Worried by the revised monsoon forecast of lower than normal rainfall, the Maharashtra government has set in motion a contingency plan for cloud seeding to combat the looming water crisis in the state, an official said in Mumbai.
The revenue, relief and rehabilitation ministry issued tenders last month inviting bids for cloud seeding operations in different parts of the state.
The issue was also discussed at Tuesday's Cabinet meeting presided over by Chief Minister Devendra Fadnavis and an amount of Rs 10 crore has been set aside for the venture.
Cloud seeding is the process to change the amount or type of precipitation which falls from clouds. It is done by dispersing substances into the air that serve as cloud condensation or ice nuclei, which change the microphysical processes within the cloud.
"We plan to undertake cloud seeding in Vidarbha, Marathwada and north Maharashtra on a pilot basis," Revenue Minister Eknath Khadse said.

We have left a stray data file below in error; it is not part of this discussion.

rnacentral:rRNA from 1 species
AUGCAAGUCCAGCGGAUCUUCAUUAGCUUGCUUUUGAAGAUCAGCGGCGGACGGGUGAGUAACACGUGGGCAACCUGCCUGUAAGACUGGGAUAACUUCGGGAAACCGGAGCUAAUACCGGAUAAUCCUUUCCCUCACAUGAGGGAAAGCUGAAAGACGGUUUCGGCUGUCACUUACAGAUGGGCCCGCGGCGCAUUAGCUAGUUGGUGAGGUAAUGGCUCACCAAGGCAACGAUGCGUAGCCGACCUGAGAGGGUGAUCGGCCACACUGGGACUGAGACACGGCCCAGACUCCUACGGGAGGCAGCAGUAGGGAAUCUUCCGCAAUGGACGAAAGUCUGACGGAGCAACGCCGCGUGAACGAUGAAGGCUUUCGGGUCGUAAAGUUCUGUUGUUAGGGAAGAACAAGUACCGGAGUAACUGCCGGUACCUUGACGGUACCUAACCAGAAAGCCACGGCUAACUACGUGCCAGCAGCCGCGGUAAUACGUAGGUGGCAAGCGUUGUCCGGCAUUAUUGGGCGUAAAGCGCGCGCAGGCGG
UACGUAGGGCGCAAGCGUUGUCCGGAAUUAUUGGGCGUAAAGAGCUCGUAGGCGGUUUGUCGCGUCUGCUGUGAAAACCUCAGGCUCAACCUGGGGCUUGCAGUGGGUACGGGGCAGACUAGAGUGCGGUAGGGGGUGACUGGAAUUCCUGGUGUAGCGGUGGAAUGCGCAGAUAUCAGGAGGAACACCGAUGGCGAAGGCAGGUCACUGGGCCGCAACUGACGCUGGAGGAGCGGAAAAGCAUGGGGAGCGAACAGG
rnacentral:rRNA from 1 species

In the past few years, the state has experienced spells of droughts or semi-droughts, with bouts of unseasonal rains and hailstorms which have resulted in huge crop damage and large numbers of farmers committing suicide.
Way back in 1992, cloud seeding was attempted by the BrihanMumbai Municipal Corporation (BMC) over a couple of lakes supplying drinking water to the city, but the results were not very encouraging.
The process involved a furnace in which coal is burnt at 1,350 degrees Celsius in which powdered Silver Iodide is sprinkled.
These particles rise in the air to cloud level in 10-12 minutes.
There are various natural parameters contributing to its success, including the height of the clouds which must be between 8,000-10,000 metres, wind speed of between 15-20 kmph and at least 70 per cent humidity levels.
After these particles travel upwards, they crystallize at minus-five degrees and since clouds have both ice and water crystals, the particles attract the water, its weight increases and they fall down in the form of rain within a couple of hours.
The proposed exercise may be taken up only after studying the current monsoon patterns and would be largely experimental in nature, but if it succeeds, it would be taken up on regular basis in the state, officials said.